Friday, November 15, 2019

Sometimes You Just Get Lucky! Mitoraj at Pompeii


Did you, as a young child, ever hear a story that wouldn't let you go?
That made you determined to visit where it happened before you died?
On May 20, 2016 I finally realized one such dream.

I stood in the Forum in Pompeii and looked to the north at Mount Vesuvius,
imagining the horror of the 79 A.D. eruption that destroyed the city.

The volcano literally blew its top off and ejected a column
of hot gases and volcanic debris into the stratosphere.
Ash and pumice rained on Pompeii for over eighteen hours
and accumulated to a depth of 9.2 feet (2.8 meters).
Then hot, dense, rapid flows of gas and volcanic material
buried the city, killing any living things in their paths.  

Mount Vesuvius from Pompeii's Forum
Regio VII, Ancient Pompeii, Italy
May 20, 2016
© M. Louise (MacBeath) Barbour/Fundy Blue
All Rights Reserved



To walk the streets and explore the buildings of Pompeii was beyond amazing!
But for those of us fortunate enough to visit this storied place
between May 14, 2016 and May 1, 2017 there was an extraordinary event.

For me Pompeii has always been about the violent volcano, 
the unparalleled look into the lives of Pompeii's citizens,
the buildings and public spaces, humble and grand,
the frescoes, statuary, mosaics, and architecture.

I did not anticipate a temporary exhibit of monumental sculptures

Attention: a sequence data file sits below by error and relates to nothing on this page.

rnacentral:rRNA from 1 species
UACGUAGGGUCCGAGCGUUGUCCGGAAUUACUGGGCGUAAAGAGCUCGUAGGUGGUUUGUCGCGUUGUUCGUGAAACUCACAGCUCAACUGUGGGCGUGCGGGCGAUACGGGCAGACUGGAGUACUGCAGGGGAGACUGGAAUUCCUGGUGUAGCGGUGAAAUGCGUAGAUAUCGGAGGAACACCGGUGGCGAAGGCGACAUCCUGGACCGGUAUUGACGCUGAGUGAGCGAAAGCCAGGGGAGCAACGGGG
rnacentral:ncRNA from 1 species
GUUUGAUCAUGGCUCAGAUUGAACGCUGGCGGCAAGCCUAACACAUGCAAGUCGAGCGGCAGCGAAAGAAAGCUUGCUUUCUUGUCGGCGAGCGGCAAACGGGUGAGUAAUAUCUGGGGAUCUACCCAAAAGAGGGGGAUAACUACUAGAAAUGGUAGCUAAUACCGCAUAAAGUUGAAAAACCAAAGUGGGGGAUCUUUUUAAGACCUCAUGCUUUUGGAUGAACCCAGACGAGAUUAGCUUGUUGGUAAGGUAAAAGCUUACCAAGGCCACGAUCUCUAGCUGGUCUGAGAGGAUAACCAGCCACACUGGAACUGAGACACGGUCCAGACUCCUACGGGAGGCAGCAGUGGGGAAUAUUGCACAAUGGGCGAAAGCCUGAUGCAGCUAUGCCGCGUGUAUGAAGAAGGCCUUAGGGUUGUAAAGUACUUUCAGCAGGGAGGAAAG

by a Polish artist I had never heard of and likely never would have:
an exhibit that had me standing in awe at the sight
of huge, fragmented, and broken heads and bodies.


Hermanos
Brothers (2010)
by Igor Mitoraj
Bronze: 293 cm. X 326 cm. X 295 cm. 
Outside, Ancient Pompeii, Italy
May 20, 2016
© M. Louise (MacBeath) Barbour/Fundy Blue
All Rights Reserved





Ikaro Blu or Blue Icarus (2013) and Tindareus (1997)
by Igor Mitoraj 
Forum with Mount Vesuvius in the background, 
Regio VII, Ancient Pompeii, Italy
May 20, 2016
© M. Louise (MacBeath) Barbour/Fundy Blue
All Rights Reserved





The Back of Eros Alato Con Mano
Winged Eros with Hand (2013 ~ bronze)
by Igor Mitoraj 
Regio VIII, Ancient Pompeii, Italy
May 20, 2016
© M. Louise (MacBeath) Barbour/Fundy Blue
All Rights Reserved






The Front of Eros Alato Con Mano
Winged Eros with Hand (2013 ~ bronze)
by Igor Mitoraj 
Regio VIII, Ancient Pompeii, Italy
May 20, 2016
© M. Louise (MacBeath) Barbour/Fundy Blue
All Rights Reserved




Initially Terry and I explored Pompeii in a guided group.
This made it difficult for me to gather information on the Igor Mitoraj sculptures; 
but I kept photographing them because they were hauntingly beautiful.
It wasn't until much later that I was able to find out more
about this Polish artist and his huge sculptures.


Gambe Alato or Winged Legs (left) and Torso di Ikaro (right) 
by Igor Mitoraj 
Looking toward the Teatro Grande from the Triangular Forum 
Regio VIII, Ancient Pompeii, Italy
May 20, 2016
© M. Louise (MacBeath) Barbour/Fundy Blue
All Rights Reserved





Ikaria (left ~ 1996) and Ikaro Alato (right ~ 2000)
by Igor Mitoraj 
Looking from within the Teatro Grande
Regio VIII, Ancient Pompeii, Italy
May 20, 2016
© M. Louise (MacBeath) Barbour/Fundy Blue
All Rights Reserved





Teseo Screpolato (2011)
by Igor Mitoraj 
Bronze: 295 cm. X 188 cm. X 180 cm. 
Looking toward the Quadriportico by the Theaters
Regio VIII, Ancient Pompeii, Italy
May 20, 2016
© M. Louise (MacBeath) Barbour/Fundy Blue
All Rights Reserved




Igor Mitoraj was born in Oederan, Germany on March 26, 1944,